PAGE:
Integrative Medicine is just a fancy term for Real Medicine. In my world and my patients world, using prayer, food, breathing, plants, stretching, drawing, resting, playing and connection as medicine is what it’s all about. It’s not sticking our patients with a pill for every ill. It’s getting downright deep to the root-cause and really tuning into what the body, mind or spirit needs and wants to be balanced and optimally healthy. IM combines the best of both worlds, using conventional medicine for what it excels at and adding in whatever ingredients or essentials are needed to help the body do its thing. Because our bodies want to be healthy, ‘well-thy’ and balanced.
Integrative medicine is grounded in the definition of health. The World Health Organization (WHO) defines health as “a state of complete physical, mental and social wellbeing and not merely the absence of disease or infirmity.”
According to Duke Integrative Medicine: IM seeks to restore and maintain health & wellness across a person’s lifespan by understanding the patient’s unique set of circumstances & addressing the full range of physical, emotional, mental, social, spiritual and environmental influences that affect health. Through personalizing care, integrative medicine goes beyond the treatment of symptoms to address all the causes of an illness. In doing so, the patient’s immediate health needs as well as the effects of the long-term and complex interplay between biological, behavioral, psychosocial and environmental influences are taken into account.
In my practice, I adopted integrative medicine long before I knew its name. I became a juice fanatic about five years ago and would preach about juicing as medicine for my metabolically challenged chronic illness patients. Anyone with inflammation that showed up as pain, anxiety, diabetes, acne, ADD, autoimmune disease, even cancers would get my food as medicine discussion, information, grocery list and recipes. But first, I would always listen to my patients and gather their story and insight before anything was changed. If they were a single mama with four kids working two jobs, my approach was prayer if she was spiritual, 'spa' day if she had time or just fifteen minutes of active listening. I learned early on, if people are on 'fire' as I like to call it, totally inflamed, anxious, rushed or just want someone else to 'fix' them, the best thing I could do was give them space, time and love. This was integrative medicine too. Knowing that our bodies have self-healing powers, but also knowing when there barriers to accessing those gifts, especially in our modern day. Then I went to Harvard to study meditation and the relaxation response, then yoga teacher training for healthcare pros and my toolbox got bigger and bigger and now includes all kinds of tools and techniques that really helps me guide patients to their optimal, best and happiest, healthiest, whole self.
So that's really it. Integrative medicine isn't woowoo witchery. It's real, root-cause, compassionate, intuitive care presented and delivered with us as a partner or guide, not an authority that knows exactly what is right for our patients.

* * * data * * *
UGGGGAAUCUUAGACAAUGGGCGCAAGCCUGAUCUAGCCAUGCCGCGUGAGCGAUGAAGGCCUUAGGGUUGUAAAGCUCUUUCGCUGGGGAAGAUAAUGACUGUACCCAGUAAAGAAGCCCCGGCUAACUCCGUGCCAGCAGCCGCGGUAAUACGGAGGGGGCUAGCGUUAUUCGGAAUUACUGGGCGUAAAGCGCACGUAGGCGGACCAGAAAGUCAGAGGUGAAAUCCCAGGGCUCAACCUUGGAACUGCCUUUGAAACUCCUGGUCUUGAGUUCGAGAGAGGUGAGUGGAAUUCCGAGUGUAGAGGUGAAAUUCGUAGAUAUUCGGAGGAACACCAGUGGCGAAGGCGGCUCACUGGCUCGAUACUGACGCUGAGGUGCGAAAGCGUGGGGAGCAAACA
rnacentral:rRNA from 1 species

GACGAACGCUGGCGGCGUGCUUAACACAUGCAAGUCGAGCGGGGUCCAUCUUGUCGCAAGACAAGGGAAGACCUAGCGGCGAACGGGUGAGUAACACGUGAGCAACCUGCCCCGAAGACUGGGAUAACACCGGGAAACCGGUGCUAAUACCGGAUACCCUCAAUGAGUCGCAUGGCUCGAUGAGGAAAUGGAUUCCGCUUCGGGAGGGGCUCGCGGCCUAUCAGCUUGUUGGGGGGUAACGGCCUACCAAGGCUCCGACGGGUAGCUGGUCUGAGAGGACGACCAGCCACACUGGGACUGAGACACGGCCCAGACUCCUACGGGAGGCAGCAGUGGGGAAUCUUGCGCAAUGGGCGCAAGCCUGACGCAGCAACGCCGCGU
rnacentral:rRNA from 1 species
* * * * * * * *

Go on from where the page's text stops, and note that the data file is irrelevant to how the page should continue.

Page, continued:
According to the Bravewell Collaborative, Integrative Medicine follows these principles:
· The patient and practitioner are partners in the healing process.
· All factors that influence health, wellness and disease are taken into consideration.
· The care addresses the whole person, including body, mind, and spirit in the context of community.
· Providers use all appropriate healing sciences to facilitate the body's innate healing response.
· Effective interventions that are natural and less invasive are used whenever possible.
· Because good medicine is based in good science, integrative medicine is inquiry-driven and open to new models of care.
· Alongside the concept of treatment, the broader concepts of health promotion and the prevention of illness are paramount.
· The care is individualized to best address the person’s unique conditions, needs and circumstances.
· Practitioners of integrative medicine exemplify its principles and commit themselves to self-exploration and self-development.
Don't you want to take a bite out of IM for your practice?
Fortunately, like anything else we pass on to our patients, we must practice what we preach first. Dig into whatever area below sounds right for you and do what you can in your life using what you learn. It's not about knowing everything, it's about learning what is most useful and right to you that you can pass onto your patients. For example, I work with breathing, meditation, yoga and essential oils. Sometimes I throw food in there because I love food, but mostly I start with their nervous system. But if there is a need for acupuncture, I'm sending them to Nel or John. If they need a deep dive into food, I'm punting to Lauryn. If they need more functional medicine approaches, they're going to any one of the brilliant clinicians I know. If they're suffering from thyroid issues, McCall from Modern Medicine is my girl. I've created a community of healers that allow me to do what I do best and encourages them to do what they do best. All of us knowing we can't 'fix' anyone, they have to be ready to change and do the work themselves and we'll be there to guide them when they get off course.
So here is a non-exhaustive list of areas that you can try your hand and your studies in IM: